When facts do not matter

When facts do not matter

A while ago the Deputy Premier of New South Wales, Australia, John Barilaro played brinkmanship with the government. He threatened to move his National Party members to the crossbench. These are the MPs who give the government a majority in the lower house, a coalition that gives Mr Barilaro the Deputy Premiership and his party a number of ministries in return for bringing 13 votes to the table to give the government a slim lower house majority of two seats.

This ‘majority making’ brings with it extraordinary bargaining power.

The National Party decided or perhaps Mr Barallaro decided, to leverage that power and threaten to remove his MPs from voting in favour of government policy. So, they’re in government and proposing to abstain from voting.

Needless to say the Liberal party leader and Premier who has 35 sitting members leveraged her power and told them to sit down and shut up.

The outcome was that Mr Barilaro backed down at the eleventh hour blowing any political credibility he had. He then chose to take a month of stress leave. His actions suggest that was a sensible choice.

What extraordinary issue brought this power play on?

Turns out that koalas were the issue. And principally the unproven ‘fact’ that koalas would go extinct in the next 50 years.

The legislation amended on the back of this non-fact, a State Environment Planning Policy known as the koala SEPP, was amended to extend the habitat that is protected for this species by listing more tree species that cannot be cleared.

Landholders must demonstrate through expert analysis that trees are not habitat for koalas and there are no koalas present in the last 18 years.

Here we have a peculiar situation.

The original facts of the matter do not exist. At the present moment in time, we do not know how many koalas there are in Australia. We do not know how many there are in New South Wales and we do not know the trend in those koala numbers.

We do know that populations fluctuate dramatically in a species that is widely distributed, is prone to certain environmental and human drivers of change, has a slow reproduction rate and is likely to be vulnerable in certain places.

We also know that koalas are often present in disturbed landscapes because the younger eucalypt trees are preferred food and we also know that when we look hard enough with the right techniques (sniffer dogs work really well), we find koalas in places that we previously thought they didn’t exist.

Not knowing how many koalas there are. Not knowing how many are being lost at any one time. Not knowing if populations are stable or simply naturally dynamic are unknowns that form the basis for the legislation.

In other words, there is no evidence that says koalas will go extinct in 50 years.

This makes the legislation itself is at best precautionary and at worst unnecessary. It is flawed in either direction. That a government would be put in jeopardy and members would flex their political muscle over such an issue tells us a lot about the current political process.

It tells us that the facts of the matter don’t really matter at all.

What matters is the political process and the benefits, or not, to individual politicians and their careers from having a stoush.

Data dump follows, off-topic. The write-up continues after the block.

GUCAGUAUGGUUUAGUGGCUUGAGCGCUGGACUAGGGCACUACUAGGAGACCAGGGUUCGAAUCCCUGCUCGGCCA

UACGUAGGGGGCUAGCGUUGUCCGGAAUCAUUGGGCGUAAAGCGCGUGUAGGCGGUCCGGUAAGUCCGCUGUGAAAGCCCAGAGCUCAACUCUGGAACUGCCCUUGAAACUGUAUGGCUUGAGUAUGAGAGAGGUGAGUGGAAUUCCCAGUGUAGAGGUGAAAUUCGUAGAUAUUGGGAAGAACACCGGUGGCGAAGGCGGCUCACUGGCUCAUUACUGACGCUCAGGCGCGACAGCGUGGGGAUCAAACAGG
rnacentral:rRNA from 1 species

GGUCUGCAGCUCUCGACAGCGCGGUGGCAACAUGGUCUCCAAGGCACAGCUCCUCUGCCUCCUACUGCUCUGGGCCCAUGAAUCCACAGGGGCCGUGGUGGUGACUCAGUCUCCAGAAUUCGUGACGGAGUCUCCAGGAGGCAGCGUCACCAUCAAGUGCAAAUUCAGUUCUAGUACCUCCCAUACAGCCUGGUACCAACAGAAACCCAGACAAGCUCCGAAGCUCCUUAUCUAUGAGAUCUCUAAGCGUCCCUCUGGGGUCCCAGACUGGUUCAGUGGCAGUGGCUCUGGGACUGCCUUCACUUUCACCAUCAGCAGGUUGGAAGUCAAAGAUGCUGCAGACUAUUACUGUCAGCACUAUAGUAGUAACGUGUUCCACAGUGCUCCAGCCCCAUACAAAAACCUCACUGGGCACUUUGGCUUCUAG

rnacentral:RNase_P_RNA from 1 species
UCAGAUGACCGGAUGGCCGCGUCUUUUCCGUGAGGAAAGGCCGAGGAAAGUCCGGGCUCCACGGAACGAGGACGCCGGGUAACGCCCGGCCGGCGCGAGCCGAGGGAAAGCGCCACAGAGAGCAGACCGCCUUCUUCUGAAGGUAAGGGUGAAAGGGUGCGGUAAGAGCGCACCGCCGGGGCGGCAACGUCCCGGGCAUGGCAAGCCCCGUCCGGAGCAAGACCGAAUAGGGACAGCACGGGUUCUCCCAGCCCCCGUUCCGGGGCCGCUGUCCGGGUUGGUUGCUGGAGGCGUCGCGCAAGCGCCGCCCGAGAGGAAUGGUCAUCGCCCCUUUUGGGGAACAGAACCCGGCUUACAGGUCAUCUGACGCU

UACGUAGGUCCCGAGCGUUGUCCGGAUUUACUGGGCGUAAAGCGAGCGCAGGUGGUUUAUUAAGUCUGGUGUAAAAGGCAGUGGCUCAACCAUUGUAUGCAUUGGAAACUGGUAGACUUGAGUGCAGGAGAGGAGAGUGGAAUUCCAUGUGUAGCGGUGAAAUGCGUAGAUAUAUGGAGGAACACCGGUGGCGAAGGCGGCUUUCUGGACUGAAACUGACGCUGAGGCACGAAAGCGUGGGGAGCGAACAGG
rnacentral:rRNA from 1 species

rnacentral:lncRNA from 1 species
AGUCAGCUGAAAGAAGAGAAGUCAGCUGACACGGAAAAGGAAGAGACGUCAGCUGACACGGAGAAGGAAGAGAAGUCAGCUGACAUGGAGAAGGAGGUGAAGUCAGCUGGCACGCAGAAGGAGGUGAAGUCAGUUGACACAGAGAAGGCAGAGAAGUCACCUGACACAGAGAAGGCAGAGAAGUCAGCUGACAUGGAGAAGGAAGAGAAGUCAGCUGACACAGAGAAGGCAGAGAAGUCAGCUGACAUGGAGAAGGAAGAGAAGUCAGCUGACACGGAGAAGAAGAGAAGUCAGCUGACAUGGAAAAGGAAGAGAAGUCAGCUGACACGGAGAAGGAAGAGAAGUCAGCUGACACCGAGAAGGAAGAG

It’s time to put an end to this nonsense.

Let us all begin with the facts. Whatever the evidence is to hand and let that be at the core of any debate.

Sure, you can have your toy throws and throw them out of the cot, have ego-driven rants as part of the political process. We all need some drama and colour in our lives. What we don’t want is for these rants and raves to be based on half-truths, untruths and downright lies. That is not the democratic process.

We need to have politicians who can form governments that are presenting us facts and policy options to deal with those facts. Then we can decide the policies to support that the majority believe will be in the best interest of everyone and the well-being of our grandchildren.

Politicians must have a steady enough hand and a steady enough head that they’re prepared to look at evidence, evaluate and bring it to the table in good faith, then debate the policy options.

To be debating policy on lies and mistruth degrades the democratic process. It undermines public faith in the institution of democracy and it makes all those political players look like complete idiots.


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Getting elected to office takes sleights

Getting elected to office takes sleights

Photo by Maxim Potkin on Unsplash

Suppose that an aspiring politician wants to be elected to the US Congress. Let’s call her Florence.

She will need a certain number of votes in order to be to get across the line. In the US system it will usually end up as a two-horse race, so around 45% of the vote should be plenty. 

Florence decides that the easiest way to get those votes is to promise every single person who votes for her $10,000 into their bank accounts.

This is of course illegal as, even in the US, votes can not be bought in such a blatant way. But let’s suppose that this law is temporarily repealed and it’s possible to buy your way into office. 

Clearly, Florence has an attractive platform. 

Vote for me and I will give you ten thousand dollars. There’s a pretty good chance she will get the 45% and sail over the line.